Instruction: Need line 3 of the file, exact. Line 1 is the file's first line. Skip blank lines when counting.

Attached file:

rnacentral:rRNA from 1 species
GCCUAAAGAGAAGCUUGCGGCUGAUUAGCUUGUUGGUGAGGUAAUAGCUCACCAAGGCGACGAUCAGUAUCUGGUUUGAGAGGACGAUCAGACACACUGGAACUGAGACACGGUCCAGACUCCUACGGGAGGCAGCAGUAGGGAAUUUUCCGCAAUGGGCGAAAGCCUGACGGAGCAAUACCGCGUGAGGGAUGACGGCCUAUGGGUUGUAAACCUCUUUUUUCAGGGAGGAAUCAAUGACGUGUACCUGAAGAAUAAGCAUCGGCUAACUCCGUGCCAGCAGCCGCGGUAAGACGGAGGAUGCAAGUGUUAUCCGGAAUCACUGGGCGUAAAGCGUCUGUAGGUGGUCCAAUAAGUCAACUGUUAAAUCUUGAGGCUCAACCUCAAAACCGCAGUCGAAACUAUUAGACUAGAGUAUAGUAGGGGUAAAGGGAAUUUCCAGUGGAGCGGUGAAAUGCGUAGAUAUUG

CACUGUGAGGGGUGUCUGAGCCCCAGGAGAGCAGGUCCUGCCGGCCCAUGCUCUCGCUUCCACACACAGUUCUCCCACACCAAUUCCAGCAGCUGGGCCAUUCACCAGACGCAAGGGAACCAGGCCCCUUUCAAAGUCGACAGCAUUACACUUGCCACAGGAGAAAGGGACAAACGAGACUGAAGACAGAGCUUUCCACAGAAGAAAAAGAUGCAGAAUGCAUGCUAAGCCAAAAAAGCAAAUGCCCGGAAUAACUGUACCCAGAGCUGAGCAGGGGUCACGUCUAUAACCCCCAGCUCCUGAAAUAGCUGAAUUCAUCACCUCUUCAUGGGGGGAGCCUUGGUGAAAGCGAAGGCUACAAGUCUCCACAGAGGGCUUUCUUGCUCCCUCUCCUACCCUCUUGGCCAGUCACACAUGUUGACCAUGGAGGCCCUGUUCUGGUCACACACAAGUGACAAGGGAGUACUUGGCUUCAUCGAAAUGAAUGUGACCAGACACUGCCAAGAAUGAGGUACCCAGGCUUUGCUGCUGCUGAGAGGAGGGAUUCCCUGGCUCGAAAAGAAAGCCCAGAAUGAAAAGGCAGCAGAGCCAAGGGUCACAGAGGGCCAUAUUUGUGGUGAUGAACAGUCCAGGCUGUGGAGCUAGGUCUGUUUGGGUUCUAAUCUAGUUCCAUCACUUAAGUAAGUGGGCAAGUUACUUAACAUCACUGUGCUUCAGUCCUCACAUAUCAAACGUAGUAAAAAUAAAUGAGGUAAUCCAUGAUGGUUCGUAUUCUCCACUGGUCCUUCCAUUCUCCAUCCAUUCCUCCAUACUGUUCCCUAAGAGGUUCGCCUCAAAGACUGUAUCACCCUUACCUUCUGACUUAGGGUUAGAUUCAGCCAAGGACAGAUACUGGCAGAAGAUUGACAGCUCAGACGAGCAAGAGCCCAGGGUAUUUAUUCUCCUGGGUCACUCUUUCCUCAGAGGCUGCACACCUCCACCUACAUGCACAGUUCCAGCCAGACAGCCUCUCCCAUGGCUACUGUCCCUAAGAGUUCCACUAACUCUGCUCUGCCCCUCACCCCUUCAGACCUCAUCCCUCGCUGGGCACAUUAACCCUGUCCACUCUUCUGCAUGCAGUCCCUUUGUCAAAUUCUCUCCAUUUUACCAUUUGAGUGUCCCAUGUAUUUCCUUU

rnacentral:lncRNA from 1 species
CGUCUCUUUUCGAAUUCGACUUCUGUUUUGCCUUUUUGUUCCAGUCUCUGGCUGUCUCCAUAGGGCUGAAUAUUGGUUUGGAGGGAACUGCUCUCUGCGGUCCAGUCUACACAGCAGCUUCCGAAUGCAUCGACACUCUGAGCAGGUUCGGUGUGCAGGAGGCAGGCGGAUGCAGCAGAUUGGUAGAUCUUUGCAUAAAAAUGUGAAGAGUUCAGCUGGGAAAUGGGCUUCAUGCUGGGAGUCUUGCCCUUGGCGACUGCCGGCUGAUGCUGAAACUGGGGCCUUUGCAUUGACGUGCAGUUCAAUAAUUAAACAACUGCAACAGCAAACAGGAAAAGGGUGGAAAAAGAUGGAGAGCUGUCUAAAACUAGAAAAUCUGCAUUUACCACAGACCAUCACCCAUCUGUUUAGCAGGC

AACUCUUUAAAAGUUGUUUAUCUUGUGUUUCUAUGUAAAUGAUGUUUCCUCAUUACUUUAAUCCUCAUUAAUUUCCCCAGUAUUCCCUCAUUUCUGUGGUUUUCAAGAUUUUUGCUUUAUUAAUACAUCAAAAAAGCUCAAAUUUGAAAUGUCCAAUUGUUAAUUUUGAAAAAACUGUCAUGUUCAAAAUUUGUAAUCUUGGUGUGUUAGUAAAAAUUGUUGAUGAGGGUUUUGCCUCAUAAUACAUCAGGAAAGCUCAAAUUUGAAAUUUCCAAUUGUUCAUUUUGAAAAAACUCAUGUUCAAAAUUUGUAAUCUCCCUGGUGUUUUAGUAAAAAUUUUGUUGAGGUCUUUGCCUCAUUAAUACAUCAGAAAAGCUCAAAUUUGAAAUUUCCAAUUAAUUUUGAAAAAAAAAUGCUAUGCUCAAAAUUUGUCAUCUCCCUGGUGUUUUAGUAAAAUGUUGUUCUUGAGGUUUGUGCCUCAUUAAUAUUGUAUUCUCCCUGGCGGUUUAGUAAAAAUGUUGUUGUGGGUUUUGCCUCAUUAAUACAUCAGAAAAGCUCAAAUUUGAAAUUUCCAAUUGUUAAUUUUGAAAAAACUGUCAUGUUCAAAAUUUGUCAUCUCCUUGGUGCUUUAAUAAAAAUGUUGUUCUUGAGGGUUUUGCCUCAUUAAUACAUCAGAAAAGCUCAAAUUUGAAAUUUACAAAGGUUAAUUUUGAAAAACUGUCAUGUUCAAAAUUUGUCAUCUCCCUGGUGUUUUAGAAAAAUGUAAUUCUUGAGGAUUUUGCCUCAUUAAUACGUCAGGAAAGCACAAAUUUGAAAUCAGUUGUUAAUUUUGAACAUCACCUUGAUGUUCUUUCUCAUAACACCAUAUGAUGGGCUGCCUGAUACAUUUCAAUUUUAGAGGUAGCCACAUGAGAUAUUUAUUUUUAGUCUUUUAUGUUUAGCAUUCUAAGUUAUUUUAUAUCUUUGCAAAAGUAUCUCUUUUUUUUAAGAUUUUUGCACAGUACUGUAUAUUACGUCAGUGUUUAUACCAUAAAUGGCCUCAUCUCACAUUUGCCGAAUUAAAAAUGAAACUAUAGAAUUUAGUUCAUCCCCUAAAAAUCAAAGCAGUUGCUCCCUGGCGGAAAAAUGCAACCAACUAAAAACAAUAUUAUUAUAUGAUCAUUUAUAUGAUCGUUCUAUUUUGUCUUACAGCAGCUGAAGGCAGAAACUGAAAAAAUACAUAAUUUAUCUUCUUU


CACUGUGAGGGGUGUCUGAGCCCCAGGAGAGCAGGUCCUGCCGGCCCAUGCUCUCGCUUCCACACACAGUUCUCCCACACCAAUUCCAGCAGCUGGGCCAUUCACCAGACGCAAGGGAACCAGGCCCCUUUCAAAGUCGACAGCAUUACACUUGCCACAGGAGAAAGGGACAAACGAGACUGAAGACAGAGCUUUCCACAGAAGAAAAAGAUGCAGAAUGCAUGCUAAGCCAAAAAAGCAAAUGCCCGGAAUAACUGUACCCAGAGCUGAGCAGGGGUCACGUCUAUAACCCCCAGCUCCUGAAAUAGCUGAAUUCAUCACCUCUUCAUGGGGGGAGCCUUGGUGAAAGCGAAGGCUACAAGUCUCCACAGAGGGCUUUCUUGCUCCCUCUCCUACCCUCUUGGCCAGUCACACAUGUUGACCAUGGAGGCCCUGUUCUGGUCACACACAAGUGACAAGGGAGUACUUGGCUUCAUCGAAAUGAAUGUGACCAGACACUGCCAAGAAUGAGGUACCCAGGCUUUGCUGCUGCUGAGAGGAGGGAUUCCCUGGCUCGAAAAGAAAGCCCAGAAUGAAAAGGCAGCAGAGCCAAGGGUCACAGAGGGCCAUAUUUGUGGUGAUGAACAGUCCAGGCUGUGGAGCUAGGUCUGUUUGGGUUCUAAUCUAGUUCCAUCACUUAAGUAAGUGGGCAAGUUACUUAACAUCACUGUGCUUCAGUCCUCACAUAUCAAACGUAGUAAAAAUAAAUGAGGUAAUCCAUGAUGGUUCGUAUUCUCCACUGGUCCUUCCAUUCUCCAUCCAUUCCUCCAUACUGUUCCCUAAGAGGUUCGCCUCAAAGACUGUAUCACCCUUACCUUCUGACUUAGGGUUAGAUUCAGCCAAGGACAGAUACUGGCAGAAGAUUGACAGCUCAGACGAGCAAGAGCCCAGGGUAUUUAUUCUCCUGGGUCACUCUUUCCUCAGAGGCUGCACACCUCCACCUACAUGCACAGUUCCAGCCAGACAGCCUCUCCCAUGGCUACUGUCCCUAAGAGUUCCACUAACUCUGCUCUGCCCCUCACCCCUUCAGACCUCAUCCCUCGCUGGGCACAUUAACCCUGUCCACUCUUCUGCAUGCAGUCCCUUUGUCAAAUUCUCUCCAUUUUACCAUUUGAGUGUCCCAUGUAUUUCCUUU